Three days before the New Hampshire primary, Michelle Kwan, Olympic figure skater and director of surrogates for Joe Biden, arrived at the campaign’s Concord field office with a joke.

“Let me just skate in here,” she said, sliding into the room with her arms outstretched.

She immediately launched into a spiel about why Biden is the best candidate for president: his character, his integrity, his record of getting things done. The heads of a dozen volunteers nodded in unison, but there was still one thing the volunteers were unsure of.

“Hi,” a man piped up during a pause in Kwan’s speech. “I just wanted to make sure everybody in the room knew who you were.”

“You never told us who you are,” someone else agreed.

“Oh, I’m sorry,” said Kwan, who previously worked on Hillary Clinton's silver-medal campaign. “When I said ‘skate in,’ I literally meant skate in. I’m an Olympic figure skater.”

It was a meaningless stumble, as far as hectic campaign organizing goes, until you consider the kind of campaign Biden has been running: one that emphasizes the need to rewind the American story to the recent past — when Biden himself, along with many of his champions (Kwan, Kerry, former senator Chris Dodd), seemed slightly less dated.

Still, there are glimpses of the qualities that Biden and his supporters hope will make him an appealing candidate for these times. For many Democrats the world is a dark and scary place, and Biden doesn’t shy away from that. At a rally in a high school gymnasium in Hudson, in front of his biggest New Hampshire crowd to date, Biden’s speech touched upon the suicide epidemic, Sandy Hook, battered wives, homeless children, stories of voters suffering from job loss and Stage 4 cancer.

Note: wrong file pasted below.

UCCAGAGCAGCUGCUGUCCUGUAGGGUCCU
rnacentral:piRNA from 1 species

“Butterflies are dying,” he said. “Bumblebees are dying. And that means we are in real trouble.”

A jittery electorate, the theory goes, may look for the safest candidate. What’s a more natural transition than vice president to president? And if anyone can offer some hope in a time of tragedy, it may be Biden; not just because he has experience taking on the National Rifle Association or because he wrote the Violence Against Women Act, but because he’s lived through tragedy himself. More than ever he has been talking about the loss of his first wife and daughter in a car crash, and the recent death of his son Beau due to brain cancer.

“I’ve lost a lot in my life,” he has been saying at the close of his events. “I’ll be damned if I’m going to stand by and lose my country, too.”

His events can be subdued affairs, but that line never fails to draw roars from the crowd.

“He’s strong, he’s resilient, he gets up and he keeps going,” his wife, Jill, told a group of supporters in Peterborough before she headed out to knock on some doors herself.

For anyone on the fence about Joe Biden, Jill had this to offer: When he first showed up on her doorstep for a blind date in 1975, she wasn’t sure if she liked him, either. She was a college student, used to hanging with the bell-bottomed crowd, and here was a guy coming to pick her up wearing a perfect suit and leather loafers.

“Thank God this is only one date,” she remembered thinking.